I had read the first article Passion-Based Learning by Ainissa Ramirez. When starting to read this article, I’ll admit I was already starting to space off. She began talking about the core subjects in school and was referring to them as a pipeline. I wasn’t sure where she was going with this but she explained how it is the mission to fill this “pipeline” with so many children that it burst. That was a powerful image to me because I am aspiring to be an educator and this will be my main goal as well. She then started talking about how bringing passion back into learning can help fill this pipeline. I couldn’t help but to be captivated by her writing. She had explained each method of learning and described them to where it actually made sense to me. I really enjoyed “the power of passion” part of her article. It is the responsibility of the teacher to keep your students engaged and focused on the material. This is also why integration of other subject is important. It provides a variety of outlooks on the material. I liked how she talked about a teacher who had inspired so many of his students to learn more about the dull subject of the properties of atoms. I had a similar teacher, who I had talked about in a previous post, Mr. Reed. He taught algebra 1 in high school, which was the lowest level of math he taught in school, which probably wasn’t the most exciting for him to teach. However, each day he came to class as if it was his favorite time of day. He wouldn’t just lecture about the quadratic formula, but would bring a sort of spunk to the subject. I’ll admit that he was a goofy guy, but a great teacher. He definitely brought passion into the subject of math.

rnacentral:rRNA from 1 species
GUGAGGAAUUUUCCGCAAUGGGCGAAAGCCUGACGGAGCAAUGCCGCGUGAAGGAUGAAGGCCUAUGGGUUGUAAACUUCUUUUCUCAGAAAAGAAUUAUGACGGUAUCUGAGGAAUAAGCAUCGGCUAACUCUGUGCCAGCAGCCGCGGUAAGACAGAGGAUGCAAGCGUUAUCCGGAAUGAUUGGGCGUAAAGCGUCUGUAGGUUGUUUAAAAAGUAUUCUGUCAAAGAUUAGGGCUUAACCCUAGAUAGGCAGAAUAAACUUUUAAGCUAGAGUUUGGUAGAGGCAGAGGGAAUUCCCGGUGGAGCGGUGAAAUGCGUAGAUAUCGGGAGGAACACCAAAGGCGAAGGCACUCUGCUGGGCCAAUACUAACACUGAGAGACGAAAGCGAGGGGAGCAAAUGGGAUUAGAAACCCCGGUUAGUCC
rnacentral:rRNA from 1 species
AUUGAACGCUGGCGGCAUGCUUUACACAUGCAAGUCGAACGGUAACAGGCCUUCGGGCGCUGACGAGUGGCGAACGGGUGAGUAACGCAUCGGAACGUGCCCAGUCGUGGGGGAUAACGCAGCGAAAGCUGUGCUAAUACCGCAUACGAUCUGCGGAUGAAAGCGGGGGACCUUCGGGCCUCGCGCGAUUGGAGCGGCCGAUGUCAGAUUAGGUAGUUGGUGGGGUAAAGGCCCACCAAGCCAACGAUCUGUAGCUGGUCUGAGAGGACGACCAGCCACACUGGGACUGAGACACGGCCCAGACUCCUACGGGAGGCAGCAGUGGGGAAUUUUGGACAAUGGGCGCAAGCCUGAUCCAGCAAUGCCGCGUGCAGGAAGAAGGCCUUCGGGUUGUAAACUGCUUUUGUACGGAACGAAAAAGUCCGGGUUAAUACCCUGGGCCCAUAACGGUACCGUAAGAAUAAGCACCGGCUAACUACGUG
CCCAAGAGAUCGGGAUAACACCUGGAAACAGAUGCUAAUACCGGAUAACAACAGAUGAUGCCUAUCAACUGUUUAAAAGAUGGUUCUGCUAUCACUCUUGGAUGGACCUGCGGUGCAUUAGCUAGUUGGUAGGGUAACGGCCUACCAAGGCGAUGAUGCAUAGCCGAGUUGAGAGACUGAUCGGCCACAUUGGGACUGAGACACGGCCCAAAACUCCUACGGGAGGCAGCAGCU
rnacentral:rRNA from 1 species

The second article I read was 25 Ways to Institute Passion-Based Learning in the Classroom by Saga Briggs. I am one that needs a sort of nudge in the right direction or an example of sort to start my work or whatever it may be. This is why I choose this article. It provided me with examples of how to bring passion into the classroom. I think my biggest concern in going into this field is boring my students to death. I feel less concerned after reading this article. It told me what is essential when creating a passion-based learning classroom. It is important that we don’t ignore our students. By that I mean we need to pay attention to more than just grades or performance. If a student is not engaged by our teachings then of course their performances will be lacking. We need to motivate them and let them take control of their own learning instead of just forcing information at them. A professor once told me that children have a natural desire to learn. It is apart of being young; we have a natural curiosity for everything. Somewhere along the journey of learning, someone crushes this curiosity and it becomes just another subject to the student. This is why passion-based learning is important. It keeps that student excited about learning. I feel these 25 tips will come in handy, I will be sure to save them.